It is even more galling for France when considering that nearly two million French citizens live in the Indo-Pacific region and that some 7,000 French soldiers are based there.

So far the French have threatened punitive actions against Australia for damages and yesterday they cancelled a big Washington gala event for this evening, which was supposed to have celebrated 240 years since the Battle of the Chesapeake, a French naval victory over a British fleet during the American Revolution. See how the French were all up for rubbing British noses in it?

The Brexit Bonus — This would not have been possible under the EU

Under the new AUKUS alliance, jobs will in effect be transferred from France to Brexit Britain.

The UK has built and operated world-class nuclear-powered submarines for over 60 years. The depth of expertise has been well-demonstrated in the work carried out by Rolls Royce near Derby and BAE Systems in Barrow, as well as many other locations. Whilst the full details of Australia’s new submarines still need to be decided upon, the design and build process will create hundreds of highly skilled scientific and engineering roles across the UK, and drive investment in some high-tech sectors of the economy.

None of this would have been possible while the United Kingdom was still a member of the European Union. In particular, the UK could not have made such an agreement with the US and Australia without coming up against the “Common Foreign and Security Policy” embodied in the Lisbon Treaty, and by the many extensions of centralised EU foreign and defence policy control which have happened since.

Article 24.1: ‘The common foreign and security policy is subject to specific rules and procedures. It shall be defined and implemented by the European Council and the Council acting unanimously, except where the Treaties provide otherwise.’

Article 24.2: ‘The Union shall conduct [CFSP] based on the development of mutual political solidarity among the Member States and an ‘increasing degree of convergence of Member States’ actions’.

Article 24.3: ‘The Member States … shall refrain from any action which is contrary to the interests of the Union or likely to impair its effectiveness as a cohesive force in international affairs.

Given that the EU Council has to give overall permission, it is certain that France — and possibly many other countries — would have vetoed the UK’s plans.

The Prime Minister, Boris Johnson, was clearly in good humour at the announcement of AUKUS on Wednesday when he appeared with the US President and the Australian Prime Minister.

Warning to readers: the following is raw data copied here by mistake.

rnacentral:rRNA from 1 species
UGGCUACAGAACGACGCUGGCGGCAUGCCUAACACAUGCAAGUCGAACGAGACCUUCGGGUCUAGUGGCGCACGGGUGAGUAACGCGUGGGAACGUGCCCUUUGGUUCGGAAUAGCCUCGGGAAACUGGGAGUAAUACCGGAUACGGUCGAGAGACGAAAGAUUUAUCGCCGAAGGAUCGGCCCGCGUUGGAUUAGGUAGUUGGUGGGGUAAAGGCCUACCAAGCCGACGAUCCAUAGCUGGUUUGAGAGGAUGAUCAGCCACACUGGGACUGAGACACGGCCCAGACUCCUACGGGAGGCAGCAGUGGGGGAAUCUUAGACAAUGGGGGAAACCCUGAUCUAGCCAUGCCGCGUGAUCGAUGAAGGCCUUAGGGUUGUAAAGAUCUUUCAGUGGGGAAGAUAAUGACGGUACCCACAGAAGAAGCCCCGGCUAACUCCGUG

And why not? He has pulled off a coup which gives the newly independent United Kingdom further strategic and defence influence as well as delivering jobs and investment. Not only is the UK now one of the founder members of a new global alignment involving the US and Australia, the new alliance also has the benefit of economic advantage to the UK at the expense of the EU.

Given the nature of their cancelled gala this evening, it might have been thought that the French would have gone ahead if only to point out to the Americans that they once beat the Royal Navy. Given that this was a very rare victory, and given that it happened 240 years ago, perhaps the French Embassy in Washington did the right thing, however.

Part two the Big French Sulk’, the bellicosity of China, and the re-emergence of Global Britain.

The increasing petulance of the French, the rise of ‘Global Britain’, and the response of China to the new alliance.

‘La grande bouderie française’ (‘the Big French Sulk’)

Much of the attack from the French government on the new AUKUS alliance has come from the French Foreign Secretary, Jean-Yves Le Drian, and has been focused on the consequent cancellation of the French contract to supply 12 diesel-powered submarines to Australia. President Macron has remained uncharacteristically quiet, perhaps because he has both eyes on being re-elected next year and does not wish to become too associated with this major blow to French prestige.

Readers will be familiar with some of the barely diplomatic language used by Monsieur Le Drian when the news broke: “betrayal”, “stab in the back”, “major breakdown of trust”, “insufferable”, etc.

Since then he has gone further. On Friday (17 Sep 2021) he issued another statement Jean-Yves Le Drian on French TV yesterday, credit: FranceInfo